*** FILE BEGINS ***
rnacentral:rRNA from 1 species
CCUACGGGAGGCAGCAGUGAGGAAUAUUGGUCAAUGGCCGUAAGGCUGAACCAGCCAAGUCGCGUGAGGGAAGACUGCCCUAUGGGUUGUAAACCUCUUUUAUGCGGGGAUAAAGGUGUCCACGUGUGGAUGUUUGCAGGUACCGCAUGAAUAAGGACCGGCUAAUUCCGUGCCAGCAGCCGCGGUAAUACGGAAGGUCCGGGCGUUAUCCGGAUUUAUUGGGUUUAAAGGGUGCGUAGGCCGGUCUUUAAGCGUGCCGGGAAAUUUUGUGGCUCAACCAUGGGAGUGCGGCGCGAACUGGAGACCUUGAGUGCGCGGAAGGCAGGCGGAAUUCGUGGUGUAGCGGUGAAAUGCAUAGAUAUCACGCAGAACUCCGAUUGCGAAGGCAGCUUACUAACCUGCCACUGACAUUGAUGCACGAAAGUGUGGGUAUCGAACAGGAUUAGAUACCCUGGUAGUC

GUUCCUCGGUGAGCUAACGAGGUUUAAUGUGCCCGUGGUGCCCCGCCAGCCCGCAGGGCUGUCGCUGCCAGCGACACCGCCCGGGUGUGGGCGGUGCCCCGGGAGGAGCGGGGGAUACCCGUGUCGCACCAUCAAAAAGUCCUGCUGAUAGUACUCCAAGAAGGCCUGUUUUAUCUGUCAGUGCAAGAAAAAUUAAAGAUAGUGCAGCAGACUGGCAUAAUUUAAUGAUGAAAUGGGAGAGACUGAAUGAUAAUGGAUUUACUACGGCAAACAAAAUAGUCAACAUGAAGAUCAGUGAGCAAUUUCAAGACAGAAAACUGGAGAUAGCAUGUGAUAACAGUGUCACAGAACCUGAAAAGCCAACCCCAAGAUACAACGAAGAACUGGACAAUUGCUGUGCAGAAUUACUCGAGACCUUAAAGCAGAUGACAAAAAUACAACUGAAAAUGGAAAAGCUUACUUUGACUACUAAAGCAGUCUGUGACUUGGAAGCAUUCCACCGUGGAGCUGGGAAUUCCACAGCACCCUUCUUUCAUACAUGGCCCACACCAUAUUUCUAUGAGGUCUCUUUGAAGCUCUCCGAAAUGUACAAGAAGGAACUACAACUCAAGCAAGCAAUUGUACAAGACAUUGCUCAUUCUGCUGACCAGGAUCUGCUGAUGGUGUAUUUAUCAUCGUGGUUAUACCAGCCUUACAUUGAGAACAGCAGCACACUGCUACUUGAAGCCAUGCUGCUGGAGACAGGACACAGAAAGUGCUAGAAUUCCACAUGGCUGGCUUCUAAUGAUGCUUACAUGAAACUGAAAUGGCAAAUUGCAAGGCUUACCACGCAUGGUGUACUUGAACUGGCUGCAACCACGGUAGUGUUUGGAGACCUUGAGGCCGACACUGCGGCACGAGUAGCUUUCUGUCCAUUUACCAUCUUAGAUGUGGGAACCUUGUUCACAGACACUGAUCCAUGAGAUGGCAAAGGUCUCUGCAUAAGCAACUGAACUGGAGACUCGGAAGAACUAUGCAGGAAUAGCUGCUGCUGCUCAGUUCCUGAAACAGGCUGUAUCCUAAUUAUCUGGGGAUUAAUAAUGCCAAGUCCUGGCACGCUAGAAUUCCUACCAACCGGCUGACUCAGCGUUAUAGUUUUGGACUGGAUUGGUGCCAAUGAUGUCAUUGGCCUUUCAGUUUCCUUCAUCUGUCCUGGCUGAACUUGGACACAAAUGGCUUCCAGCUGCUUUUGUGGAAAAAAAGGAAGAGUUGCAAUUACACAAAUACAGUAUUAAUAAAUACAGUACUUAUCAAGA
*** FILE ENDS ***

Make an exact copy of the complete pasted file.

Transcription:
rnacentral:rRNA from 1 species
CCUACGGGAGGCAGCAGUGAGGAAUAUUGGUCAAUGGCCGUAAGGCUGAACCAGCCAAGUCGCGUGAGGGAAGACUGCCCUAUGGGUUGUAAACCUCUUUUAUGCGGGGAUAAAGGUGUCCACGUGUGGAUGUUUGCAGGUACCGCAUGAAUAAGGACCGGCUAAUUCCGUGCCAGCAGCCGCGGUAAUACGGAAGGUCCGGGCGUUAUCCGGAUUUAUUGGGUUUAAAGGGUGCGUAGGCCGGUCUUUAAGCGUGCCGGGAAAUUUUGUGGCUCAACCAUGGGAGUGCGGCGCGAACUGGAGACCUUGAGUGCGCGGAAGGCAGGCGGAAUUCGUGGUGUAGCGGUGAAAUGCAUAGAUAUCACGCAGAACUCCGAUUGCGAAGGCAGCUUACUAACCUGCCACUGACAUUGAUGCACGAAAGUGUGGGUAUCGAACAGGAUUAGAUACCCUGGUAGUC

GUUCCUCGGUGAGCUAACGAGGUUUAAUGUGCCCGUGGUGCCCCGCCAGCCCGCAGGGCUGUCGCUGCCAGCGACACCGCCCGGGUGUGGGCGGUGCCCCGGGAGGAGCGGGGGAUACCCGUGUCGCACCAUCAAAAAGUCCUGCUGAUAGUACUCCAAGAAGGCCUGUUUUAUCUGUCAGUGCAAGAAAAAUUAAAGAUAGUGCAGCAGACUGGCAUAAUUUAAUGAUGAAAUGGGAGAGACUGAAUGAUAAUGGAUUUACUACGGCAAACAAAAUAGUCAACAUGAAGAUCAGUGAGCAAUUUCAAGACAGAAAACUGGAGAUAGCAUGUGAUAACAGUGUCACAGAACCUGAAAAGCCAACCCCAAGAUACAACGAAGAACUGGACAAUUGCUGUGCAGAAUUACUCGAGACCUUAAAGCAGAUGACAAAAAUACAACUGAAAAUGGAAAAGCUUACUUUGACUACUAAAGCAGUCUGUGACUUGGAAGCAUUCCACCGUGGAGCUGGGAAUUCCACAGCACCCUUCUUUCAUACAUGGCCCACACCAUAUUUCUAUGAGGUCUCUUUGAAGCUCUCCGAAAUGUACAAGAAGGAACUACAACUCAAGCAAGCAAUUGUACAAGACAUUGCUCAUUCUGCUGACCAGGAUCUGCUGAUGGUGUAUUUAUCAUCGUGGUUAUACCAGCCUUACAUUGAGAACAGCAGCACACUGCUACUUGAAGCCAUGCUGCUGGAGACAGGACACAGAAAGUGCUAGAAUUCCACAUGGCUGGCUUCUAAUGAUGCUUACAUGAAACUGAAAUGGCAAAUUGCAAGGCUUACCACGCAUGGUGUACUUGAACUGGCUGCAACCACGGUAGUGUUUGGAGACCUUGAGGCCGACACUGCGGCACGAGUAGCUUUCUGUCCAUUUACCAUCUUAGAUGUGGGAACCUUGUUCACAGACACUGAUCCAUGAGAUGGCAAAGGUCUCUGCAUAAGCAACUGAACUGGAGACUCGGAAGAACUAUGCAGGAAUAGCUGCUGCUGCUCAGUUCCUGAAACAGGCUGUAUCCUAAUUAUCUGGGGAUUAAUAAUGCCAAGUCCUGGCACGCUAGAAUUCCUACCAACCGGCUGACUCAGCGUUAUAGUUUUGGACUGGAUUGGUGCCAAUGAUGUCAUUGGCCUUUCAGUUUCCUUCAUCUGUCCUGGCUGAACUUGGACACAAAUGGCUUCCAGCUGCUUUUGUGGAAAAAAAGGAAGAGUUGCAAUUACACAAAUACAGUAUUAAUAAAUACAGUACUUAUCAAGA